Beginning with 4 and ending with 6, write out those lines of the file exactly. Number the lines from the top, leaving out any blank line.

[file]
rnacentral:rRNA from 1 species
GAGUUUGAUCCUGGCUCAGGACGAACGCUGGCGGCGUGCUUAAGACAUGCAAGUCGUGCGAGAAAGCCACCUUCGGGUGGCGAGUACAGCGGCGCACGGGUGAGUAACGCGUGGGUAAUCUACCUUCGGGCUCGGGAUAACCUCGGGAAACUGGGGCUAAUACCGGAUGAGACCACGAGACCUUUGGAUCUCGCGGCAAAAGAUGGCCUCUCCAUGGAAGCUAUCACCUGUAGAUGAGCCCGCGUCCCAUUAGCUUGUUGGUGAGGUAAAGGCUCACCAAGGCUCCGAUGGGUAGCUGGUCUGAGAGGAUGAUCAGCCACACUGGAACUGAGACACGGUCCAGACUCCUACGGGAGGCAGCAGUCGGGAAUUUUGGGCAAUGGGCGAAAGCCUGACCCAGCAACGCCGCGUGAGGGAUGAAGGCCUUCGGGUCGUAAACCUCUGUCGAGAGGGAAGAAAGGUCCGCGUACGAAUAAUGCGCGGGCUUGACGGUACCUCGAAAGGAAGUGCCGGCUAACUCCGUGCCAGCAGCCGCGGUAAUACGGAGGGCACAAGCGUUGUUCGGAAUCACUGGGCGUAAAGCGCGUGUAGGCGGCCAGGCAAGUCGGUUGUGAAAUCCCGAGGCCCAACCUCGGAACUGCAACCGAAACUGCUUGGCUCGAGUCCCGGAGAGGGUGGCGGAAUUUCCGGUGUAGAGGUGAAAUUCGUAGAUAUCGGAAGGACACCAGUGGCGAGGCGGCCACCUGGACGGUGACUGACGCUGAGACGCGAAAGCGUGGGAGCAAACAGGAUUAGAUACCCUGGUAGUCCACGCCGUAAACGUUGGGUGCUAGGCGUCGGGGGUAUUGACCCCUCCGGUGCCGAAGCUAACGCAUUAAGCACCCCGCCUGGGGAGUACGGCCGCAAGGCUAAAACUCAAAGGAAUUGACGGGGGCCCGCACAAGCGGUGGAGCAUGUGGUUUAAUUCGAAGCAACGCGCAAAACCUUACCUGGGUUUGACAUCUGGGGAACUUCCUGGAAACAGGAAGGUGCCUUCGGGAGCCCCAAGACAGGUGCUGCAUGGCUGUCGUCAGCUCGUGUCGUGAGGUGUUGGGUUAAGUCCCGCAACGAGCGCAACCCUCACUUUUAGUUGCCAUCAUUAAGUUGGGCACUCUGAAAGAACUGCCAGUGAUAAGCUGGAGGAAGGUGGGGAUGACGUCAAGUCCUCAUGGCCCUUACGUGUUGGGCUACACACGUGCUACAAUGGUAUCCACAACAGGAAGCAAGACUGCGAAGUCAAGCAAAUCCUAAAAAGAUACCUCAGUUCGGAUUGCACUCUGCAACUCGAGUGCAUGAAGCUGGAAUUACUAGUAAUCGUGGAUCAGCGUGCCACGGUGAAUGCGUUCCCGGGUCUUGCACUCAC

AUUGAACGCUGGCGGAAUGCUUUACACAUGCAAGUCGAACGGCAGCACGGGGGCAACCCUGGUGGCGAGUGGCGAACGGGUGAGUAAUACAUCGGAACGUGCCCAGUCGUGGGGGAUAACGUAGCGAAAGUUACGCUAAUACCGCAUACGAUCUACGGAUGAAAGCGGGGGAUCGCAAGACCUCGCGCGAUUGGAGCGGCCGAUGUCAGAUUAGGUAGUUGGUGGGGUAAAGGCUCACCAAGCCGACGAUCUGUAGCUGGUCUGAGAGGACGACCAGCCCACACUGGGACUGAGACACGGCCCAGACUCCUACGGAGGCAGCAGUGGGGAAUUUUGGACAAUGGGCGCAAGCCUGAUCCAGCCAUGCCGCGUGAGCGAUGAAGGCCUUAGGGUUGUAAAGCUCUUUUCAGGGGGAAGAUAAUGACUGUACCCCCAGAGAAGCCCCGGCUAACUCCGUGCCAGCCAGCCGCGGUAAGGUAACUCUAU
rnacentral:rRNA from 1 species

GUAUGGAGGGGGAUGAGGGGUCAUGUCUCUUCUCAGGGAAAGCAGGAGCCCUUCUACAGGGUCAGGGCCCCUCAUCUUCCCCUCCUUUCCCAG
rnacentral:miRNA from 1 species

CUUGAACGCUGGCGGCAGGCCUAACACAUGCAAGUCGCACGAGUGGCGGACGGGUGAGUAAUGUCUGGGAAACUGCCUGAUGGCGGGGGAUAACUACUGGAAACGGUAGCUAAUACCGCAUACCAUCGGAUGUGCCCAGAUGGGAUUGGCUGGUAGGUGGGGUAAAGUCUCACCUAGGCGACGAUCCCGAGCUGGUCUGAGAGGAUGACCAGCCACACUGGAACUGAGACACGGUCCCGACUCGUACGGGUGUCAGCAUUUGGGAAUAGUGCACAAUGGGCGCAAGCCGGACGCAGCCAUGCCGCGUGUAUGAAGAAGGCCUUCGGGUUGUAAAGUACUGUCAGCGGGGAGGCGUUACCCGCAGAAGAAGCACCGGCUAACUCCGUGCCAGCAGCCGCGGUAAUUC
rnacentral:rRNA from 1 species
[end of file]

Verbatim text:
rnacentral:rRNA from 1 species

GUAUGGAGGGGGAUGAGGGGUCAUGUCUCUUCUCAGGGAAAGCAGGAGCCCUUCUACAGGGUCAGGGCCCCUCAUCUUCCCCUCCUUUCCCAG
rnacentral:miRNA from 1 species